b) Liability of YouTube as a contributory infringer

According to the court, YouTube would also not be liable as a contributory infringer.

In particular, after having been notified of an infringement, a breach of the duty of care to prevent other infringements of the same kind would not be sufficient to create liability as a contributory infringer. The court requires factual knowledge of the specific infringement, so this clearly relates only to the particular infringement notified. If this infringement has been taken down, no contributory infringement seems to be possible.

c) Liability of YouTube under “Stoererhaftung”

Stoererhaftung is a specific German concept of indirect liability which only allows injunction claims, not damages claims. So under Stoererhaftung, there is no opportunity to try to collect the revenue YouTube made from advertising etc., during the period that the content was offered illegally.

Stoererhaftung requires that YouTube has breached its duty of care after having been notified of an infringement. This duty of care (arising with notification) does not only include a mere takedown of the infringement notified, but also a stay down and the prevention of other infringements of the same kind which are also obvious. This concept applies to YouTube according to the Hamburg court.

But here, the differences between YouTube’s business model and a genuine hosting provider come into play. The Court of Appeal Hamburg extended YouTube’s duty of care because they provide a platform which makes third party content very attractive for recipients.

The court’s findings concerning the filtering duties of YouTube (to prevent further obvious infringements of the same kind), were as follows:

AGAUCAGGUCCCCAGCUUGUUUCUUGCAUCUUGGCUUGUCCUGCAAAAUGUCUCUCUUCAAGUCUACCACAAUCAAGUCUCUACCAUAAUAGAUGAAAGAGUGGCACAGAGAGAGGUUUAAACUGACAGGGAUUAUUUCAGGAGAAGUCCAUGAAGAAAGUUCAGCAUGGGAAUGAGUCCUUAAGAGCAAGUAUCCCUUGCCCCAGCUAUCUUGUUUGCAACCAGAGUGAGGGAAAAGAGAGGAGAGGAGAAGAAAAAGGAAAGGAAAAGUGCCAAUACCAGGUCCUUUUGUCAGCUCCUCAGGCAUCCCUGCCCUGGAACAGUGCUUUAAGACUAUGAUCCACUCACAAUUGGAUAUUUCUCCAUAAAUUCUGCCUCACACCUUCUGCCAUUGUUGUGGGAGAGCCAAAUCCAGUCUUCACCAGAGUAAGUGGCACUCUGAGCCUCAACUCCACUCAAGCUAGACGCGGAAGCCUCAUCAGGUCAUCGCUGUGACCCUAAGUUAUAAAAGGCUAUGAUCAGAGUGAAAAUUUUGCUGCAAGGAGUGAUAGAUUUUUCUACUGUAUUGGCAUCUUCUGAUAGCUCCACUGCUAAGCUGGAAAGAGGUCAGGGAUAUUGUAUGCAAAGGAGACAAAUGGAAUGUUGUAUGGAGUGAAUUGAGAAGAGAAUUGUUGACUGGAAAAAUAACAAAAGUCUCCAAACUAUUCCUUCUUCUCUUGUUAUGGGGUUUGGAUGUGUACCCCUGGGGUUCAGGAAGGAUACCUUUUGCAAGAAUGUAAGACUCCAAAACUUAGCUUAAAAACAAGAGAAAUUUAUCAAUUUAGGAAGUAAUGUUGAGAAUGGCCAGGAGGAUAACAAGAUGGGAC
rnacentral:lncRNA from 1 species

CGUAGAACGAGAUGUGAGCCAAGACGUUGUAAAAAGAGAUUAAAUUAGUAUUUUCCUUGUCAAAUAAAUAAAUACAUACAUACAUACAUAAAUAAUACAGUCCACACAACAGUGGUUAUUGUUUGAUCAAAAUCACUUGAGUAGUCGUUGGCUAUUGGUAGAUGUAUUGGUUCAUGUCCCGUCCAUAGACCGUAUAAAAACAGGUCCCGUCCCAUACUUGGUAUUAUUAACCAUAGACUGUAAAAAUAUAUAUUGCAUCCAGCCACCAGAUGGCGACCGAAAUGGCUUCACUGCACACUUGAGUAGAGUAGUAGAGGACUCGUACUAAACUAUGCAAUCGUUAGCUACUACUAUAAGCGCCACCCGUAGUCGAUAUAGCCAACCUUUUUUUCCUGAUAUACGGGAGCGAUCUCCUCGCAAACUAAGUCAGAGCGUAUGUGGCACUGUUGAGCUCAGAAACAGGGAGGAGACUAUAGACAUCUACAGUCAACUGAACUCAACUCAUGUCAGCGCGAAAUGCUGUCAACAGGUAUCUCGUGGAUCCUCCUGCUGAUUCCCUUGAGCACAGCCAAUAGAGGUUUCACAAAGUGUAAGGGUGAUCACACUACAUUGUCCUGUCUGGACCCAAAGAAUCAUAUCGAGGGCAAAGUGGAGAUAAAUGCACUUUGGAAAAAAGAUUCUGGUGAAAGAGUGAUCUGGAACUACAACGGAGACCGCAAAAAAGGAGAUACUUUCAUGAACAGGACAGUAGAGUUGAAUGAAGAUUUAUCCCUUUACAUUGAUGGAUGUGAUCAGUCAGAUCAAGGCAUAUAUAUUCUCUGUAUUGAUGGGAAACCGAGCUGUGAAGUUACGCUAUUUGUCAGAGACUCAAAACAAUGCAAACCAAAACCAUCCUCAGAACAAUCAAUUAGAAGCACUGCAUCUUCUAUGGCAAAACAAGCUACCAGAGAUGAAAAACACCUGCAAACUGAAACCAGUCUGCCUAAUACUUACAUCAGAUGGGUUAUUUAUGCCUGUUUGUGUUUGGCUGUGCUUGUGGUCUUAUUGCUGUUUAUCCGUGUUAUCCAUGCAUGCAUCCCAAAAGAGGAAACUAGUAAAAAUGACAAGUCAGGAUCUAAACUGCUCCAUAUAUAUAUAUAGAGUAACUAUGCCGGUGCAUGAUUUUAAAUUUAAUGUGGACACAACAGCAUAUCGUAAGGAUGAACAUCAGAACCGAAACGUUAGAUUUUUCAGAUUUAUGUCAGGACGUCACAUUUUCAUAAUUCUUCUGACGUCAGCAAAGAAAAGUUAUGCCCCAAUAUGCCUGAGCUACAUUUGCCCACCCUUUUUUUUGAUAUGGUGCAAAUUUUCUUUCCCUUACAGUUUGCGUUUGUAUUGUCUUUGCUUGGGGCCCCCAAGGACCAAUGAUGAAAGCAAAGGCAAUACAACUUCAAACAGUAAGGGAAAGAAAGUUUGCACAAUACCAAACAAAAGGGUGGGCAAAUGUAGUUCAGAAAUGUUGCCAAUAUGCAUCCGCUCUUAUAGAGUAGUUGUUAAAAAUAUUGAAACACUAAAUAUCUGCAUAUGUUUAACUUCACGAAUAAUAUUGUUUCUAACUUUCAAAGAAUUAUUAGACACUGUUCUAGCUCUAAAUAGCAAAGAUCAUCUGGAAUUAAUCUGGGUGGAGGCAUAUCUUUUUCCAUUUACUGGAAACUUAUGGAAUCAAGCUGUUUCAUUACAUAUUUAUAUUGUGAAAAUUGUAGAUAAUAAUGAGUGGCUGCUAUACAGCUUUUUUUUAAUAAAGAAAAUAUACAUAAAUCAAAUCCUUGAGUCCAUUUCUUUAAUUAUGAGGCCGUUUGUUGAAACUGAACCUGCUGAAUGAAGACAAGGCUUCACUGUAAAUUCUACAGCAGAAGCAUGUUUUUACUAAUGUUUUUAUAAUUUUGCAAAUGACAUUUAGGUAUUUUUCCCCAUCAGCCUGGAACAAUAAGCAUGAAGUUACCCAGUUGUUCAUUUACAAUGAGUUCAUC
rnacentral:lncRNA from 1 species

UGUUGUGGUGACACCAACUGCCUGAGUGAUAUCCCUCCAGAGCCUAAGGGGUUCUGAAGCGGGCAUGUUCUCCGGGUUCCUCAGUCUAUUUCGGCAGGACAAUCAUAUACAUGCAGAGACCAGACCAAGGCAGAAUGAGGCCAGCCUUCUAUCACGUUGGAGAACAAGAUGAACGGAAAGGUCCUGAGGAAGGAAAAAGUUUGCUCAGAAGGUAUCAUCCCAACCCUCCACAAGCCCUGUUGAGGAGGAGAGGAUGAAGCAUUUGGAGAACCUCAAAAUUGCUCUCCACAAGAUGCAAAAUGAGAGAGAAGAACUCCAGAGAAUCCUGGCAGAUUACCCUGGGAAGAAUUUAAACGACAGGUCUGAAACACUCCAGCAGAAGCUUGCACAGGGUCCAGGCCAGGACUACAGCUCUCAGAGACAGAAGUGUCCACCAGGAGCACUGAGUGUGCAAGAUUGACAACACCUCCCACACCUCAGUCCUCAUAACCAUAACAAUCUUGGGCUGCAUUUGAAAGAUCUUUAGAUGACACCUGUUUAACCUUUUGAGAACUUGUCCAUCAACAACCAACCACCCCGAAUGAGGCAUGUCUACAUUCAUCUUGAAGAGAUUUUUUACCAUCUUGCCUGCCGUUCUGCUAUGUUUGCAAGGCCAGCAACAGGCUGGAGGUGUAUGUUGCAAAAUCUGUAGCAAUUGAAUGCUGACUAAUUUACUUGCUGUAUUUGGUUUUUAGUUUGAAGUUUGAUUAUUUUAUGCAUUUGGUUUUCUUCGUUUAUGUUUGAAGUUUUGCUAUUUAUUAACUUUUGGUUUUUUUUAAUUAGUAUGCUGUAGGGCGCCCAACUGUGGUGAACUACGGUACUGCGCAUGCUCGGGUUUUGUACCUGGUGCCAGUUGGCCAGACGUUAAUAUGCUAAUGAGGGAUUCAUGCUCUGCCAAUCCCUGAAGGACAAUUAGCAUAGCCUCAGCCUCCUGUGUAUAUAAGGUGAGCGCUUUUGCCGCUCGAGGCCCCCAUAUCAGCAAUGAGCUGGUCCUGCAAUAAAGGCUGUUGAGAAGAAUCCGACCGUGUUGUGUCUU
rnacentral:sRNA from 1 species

• YouTube needs to be notified of a clear infringement. In this case, YouTube not only has a duty to takedown and secure staydown, but also to prevent other infringements concerning the same work which are just as clear.
  • The prevention duties do not relate to the specific recording of the musical work notified as an infringement to YouTube, but to the musical work as such (irrespective of the specific recording). In other words, YouTube has to filter for all different recordings in the form of a video, after having been notified of one infringing recording.
  • Surprisingly, the court only sees a duty of care for YouTube to filter for new infringements, i.e. for infringements newly uploaded on YouTube after having been notified. There would be no duty of care for YouTube to filter for infringements already existing on YouTube when notified. This, however, may not be in line with the prevention duty case law of the German Federal Supreme Court.
  • In relation to the specific filtering measures and their proportionality, the court advocates the usual weighing of interests between the property rights of the right holder, the entrepreneurial freedom of YouTube and the freedom of users to communicate.
  • It is interesting to see that the court considers YouTube to be a “service inclined to infringement” (“Gefahr geneigter Dienst”) on the one hand, while the court sees YouTube as providing a business model “in the mainstream of society” (“in der Mitte der Gesellschaft”) on the other hand, as brand owners like Mercedes-Benz and Audi present their cars on YouTube channels. The court stressed again that YouTube operates quite differently from the usual business model of a hosting provider and would thus be confronted with more extensive duties of care.